Analysis of Distribution of LincRNAs Between Polyadenylated and Nonpolyadenylated RNA-seq Data
H9 ESC and HeLa RNA-seq data from fractions exclusively containing polyA− or polyA+ transcripts were analyzed . Transcripts with RNA-seq reads in all four datasets and with FPKM>1 in at least one of the two fractions for each cell type were analyzed for Figure 3B (16,819 NM genes and 127 lincRNAs). For Figure S5, transcripts with reads in both fractions and FPKM>1 in at least one of the two fractions for a specific cell type were included in the analysis of that cell type (20,470 NM genes and 849 lincRNAs in H9 ESCs; 18,294 NM genes and 1,009 lincRNAs in HeLa). The whiskers of the box and whisker plot extend to +/−1.5 times the interquartile range or the most extreme datapoint.
Paired-End Ditag (PET) Cluster Analysis
Publicly available paired-end ditag (PET) cluster annotations derived from 7 cell lines or tissues, generated by the ENCODE project, were downloaded from http://genome.ucsc.edu/cgi-bin/hgFileUi?db=hg19&g=wgEncodeGisRnaPet. The PET cluster annotation files used were (by cell or tissue type):
Further description of these PET clusters, including how the annotations were generated, is available at the UCSC Genome Browser site here http://genome.ucsc.edu/cgi-bin/hgTrackUi?hgsid=321010719&c=chr21&g=wgEncodeGisRnaPet. BEDTools was employed to compute overlap between lincRNA and RefSeq NM gene 5′ and 3′ ends and PET cluster 5′ and 3′ end ‘blocks’. In the case of ambiguous stranded lincRNAs, both potential orientations were allowed for determining overlap with the 5′ and 3′ ends of PET clusters.
Ribosome Profiling Analysis
Ribosome profiling data and matched mRNA-seq data from HeLa cells corresponding to the experiments (mock transfected 12 hr time point) presented in Guo et al.  were downloaded from the NCBI GEO (GSE22004). The expression level of the filtered set of lincRNAs and of RefSeq NM transcripts was evaluated as above. The 803 lincRNAs expressed at an FPKM>1 and a sample of 1292 RefSeq NM transcripts expressed at an FPKM>1 (divided into their constituent CDS and 3′ UTR regions) were broken up into 30 bp windows with a 1 bp offset. A modified version of HTSeq (described above) was used to count reads aligning to each window for both RNA-seq and ribosomal profiling data. The ratio of ribosome-associated reads over mRNA-seq reads was evaluated for each window and the maximum ratio for a given transcript was taken as a measure of ribosome engagement. The whiskers of the box and whisker plot in Figure 2B extend to +/−1.5 times the interquartile range with outliers depicted as dots. Wilcoxon rank sum test was used to calculate P values.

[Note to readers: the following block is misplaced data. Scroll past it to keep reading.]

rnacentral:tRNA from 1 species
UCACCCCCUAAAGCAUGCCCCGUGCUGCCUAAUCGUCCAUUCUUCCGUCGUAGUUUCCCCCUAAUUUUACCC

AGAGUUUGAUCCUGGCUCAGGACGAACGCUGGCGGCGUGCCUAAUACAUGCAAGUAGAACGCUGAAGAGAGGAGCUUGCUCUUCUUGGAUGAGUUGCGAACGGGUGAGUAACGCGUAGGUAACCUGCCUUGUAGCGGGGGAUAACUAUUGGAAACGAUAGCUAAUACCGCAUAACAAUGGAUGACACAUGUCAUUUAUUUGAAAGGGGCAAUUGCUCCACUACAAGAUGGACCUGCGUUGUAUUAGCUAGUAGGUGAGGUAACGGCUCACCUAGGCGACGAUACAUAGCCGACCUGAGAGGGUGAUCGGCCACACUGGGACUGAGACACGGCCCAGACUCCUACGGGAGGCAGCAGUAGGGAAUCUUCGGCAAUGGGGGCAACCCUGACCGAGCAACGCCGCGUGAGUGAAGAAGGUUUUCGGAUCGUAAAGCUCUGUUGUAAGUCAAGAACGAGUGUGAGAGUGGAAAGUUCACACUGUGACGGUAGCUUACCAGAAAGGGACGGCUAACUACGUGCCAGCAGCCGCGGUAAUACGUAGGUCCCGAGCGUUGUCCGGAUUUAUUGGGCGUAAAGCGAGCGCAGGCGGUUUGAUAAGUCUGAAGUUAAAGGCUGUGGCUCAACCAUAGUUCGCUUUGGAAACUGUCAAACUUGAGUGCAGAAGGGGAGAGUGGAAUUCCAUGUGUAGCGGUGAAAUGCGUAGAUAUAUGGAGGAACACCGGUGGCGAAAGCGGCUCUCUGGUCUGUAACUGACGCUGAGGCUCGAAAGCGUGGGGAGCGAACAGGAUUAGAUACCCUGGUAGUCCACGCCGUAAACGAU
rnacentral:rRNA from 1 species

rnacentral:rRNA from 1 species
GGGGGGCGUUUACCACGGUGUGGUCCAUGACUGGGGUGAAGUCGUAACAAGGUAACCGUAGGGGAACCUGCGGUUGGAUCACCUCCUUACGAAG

Computational Analysis of Coding Potential
The program PhyloCSF (9/16/2010 release)  was used to computationally evaluate the coding potential of the filtered lincRNA transcripts. A BED file describing these lincRNA transcripts as well as a random sample of 8310 RefSeq NM transcripts was loaded onto the Galaxy webserver (https://main.g2.bx.psu.edu/) and the tool ‘Stitch Gene Blocks’ was used to retrieve multiple alignment files with sequence entries for the following genome builds based on the 44 way Multiz alignment to hg18: hg18 panTro2 rheMac2 tarSyr1 micMur1 otoGar1 tupBel1 mm9 rn4 dipOrd1 cavPor3 speTri1 oryCun1 ochPri2 vicPac1 turTru1 bosTau4 equCab2 felCat3 canFam2 myoLuc1 pteVam1 eriEur1 sorAra1 loxAfr2 proCap1 echTel1 dasNov2 choHof1. Genome build names were converted to common names and PhyloCSF was run using the options –orf = StopStop3 and –frames = 6.